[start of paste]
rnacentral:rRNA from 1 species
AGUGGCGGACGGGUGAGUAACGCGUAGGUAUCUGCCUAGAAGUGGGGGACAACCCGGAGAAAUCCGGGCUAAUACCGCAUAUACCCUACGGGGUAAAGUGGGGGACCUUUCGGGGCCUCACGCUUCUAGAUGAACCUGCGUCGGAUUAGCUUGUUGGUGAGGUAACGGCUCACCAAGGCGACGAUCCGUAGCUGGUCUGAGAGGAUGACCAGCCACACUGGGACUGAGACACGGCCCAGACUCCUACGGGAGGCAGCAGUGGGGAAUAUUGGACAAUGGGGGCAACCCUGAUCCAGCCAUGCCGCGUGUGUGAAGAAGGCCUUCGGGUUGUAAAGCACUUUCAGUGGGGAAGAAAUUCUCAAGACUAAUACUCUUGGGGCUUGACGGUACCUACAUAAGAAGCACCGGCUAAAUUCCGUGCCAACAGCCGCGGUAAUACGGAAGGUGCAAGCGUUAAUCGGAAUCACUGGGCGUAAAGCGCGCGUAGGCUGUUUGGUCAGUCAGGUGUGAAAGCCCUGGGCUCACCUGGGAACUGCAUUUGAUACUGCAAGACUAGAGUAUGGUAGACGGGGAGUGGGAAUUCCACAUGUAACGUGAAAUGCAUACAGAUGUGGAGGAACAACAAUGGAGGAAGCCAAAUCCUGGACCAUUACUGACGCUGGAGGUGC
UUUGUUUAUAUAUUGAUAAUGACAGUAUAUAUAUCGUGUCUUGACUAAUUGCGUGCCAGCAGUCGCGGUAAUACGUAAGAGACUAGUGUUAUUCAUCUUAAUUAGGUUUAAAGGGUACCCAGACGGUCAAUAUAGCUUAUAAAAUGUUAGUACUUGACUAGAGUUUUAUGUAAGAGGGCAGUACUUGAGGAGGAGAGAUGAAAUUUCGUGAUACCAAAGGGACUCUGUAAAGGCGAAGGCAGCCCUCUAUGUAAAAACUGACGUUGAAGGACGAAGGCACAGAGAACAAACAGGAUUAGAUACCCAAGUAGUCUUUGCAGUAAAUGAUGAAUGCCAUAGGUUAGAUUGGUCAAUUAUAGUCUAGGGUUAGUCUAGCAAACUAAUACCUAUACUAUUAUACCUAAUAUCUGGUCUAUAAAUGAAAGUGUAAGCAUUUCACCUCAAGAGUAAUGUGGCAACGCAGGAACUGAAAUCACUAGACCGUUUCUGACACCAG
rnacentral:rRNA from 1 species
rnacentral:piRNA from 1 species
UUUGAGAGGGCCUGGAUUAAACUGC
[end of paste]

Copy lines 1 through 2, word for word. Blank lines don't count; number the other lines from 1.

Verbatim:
rnacentral:rRNA from 1 species
AGUGGCGGACGGGUGAGUAACGCGUAGGUAUCUGCCUAGAAGUGGGGGACAACCCGGAGAAAUCCGGGCUAAUACCGCAUAUACCCUACGGGGUAAAGUGGGGGACCUUUCGGGGCCUCACGCUUCUAGAUGAACCUGCGUCGGAUUAGCUUGUUGGUGAGGUAACGGCUCACCAAGGCGACGAUCCGUAGCUGGUCUGAGAGGAUGACCAGCCACACUGGGACUGAGACACGGCCCAGACUCCUACGGGAGGCAGCAGUGGGGAAUAUUGGACAAUGGGGGCAACCCUGAUCCAGCCAUGCCGCGUGUGUGAAGAAGGCCUUCGGGUUGUAAAGCACUUUCAGUGGGGAAGAAAUUCUCAAGACUAAUACUCUUGGGGCUUGACGGUACCUACAUAAGAAGCACCGGCUAAAUUCCGUGCCAACAGCCGCGGUAAUACGGAAGGUGCAAGCGUUAAUCGGAAUCACUGGGCGUAAAGCGCGCGUAGGCUGUUUGGUCAGUCAGGUGUGAAAGCCCUGGGCUCACCUGGGAACUGCAUUUGAUACUGCAAGACUAGAGUAUGGUAGACGGGGAGUGGGAAUUCCACAUGUAACGUGAAAUGCAUACAGAUGUGGAGGAACAACAAUGGAGGAAGCCAAAUCCUGGACCAUUACUGACGCUGGAGGUGC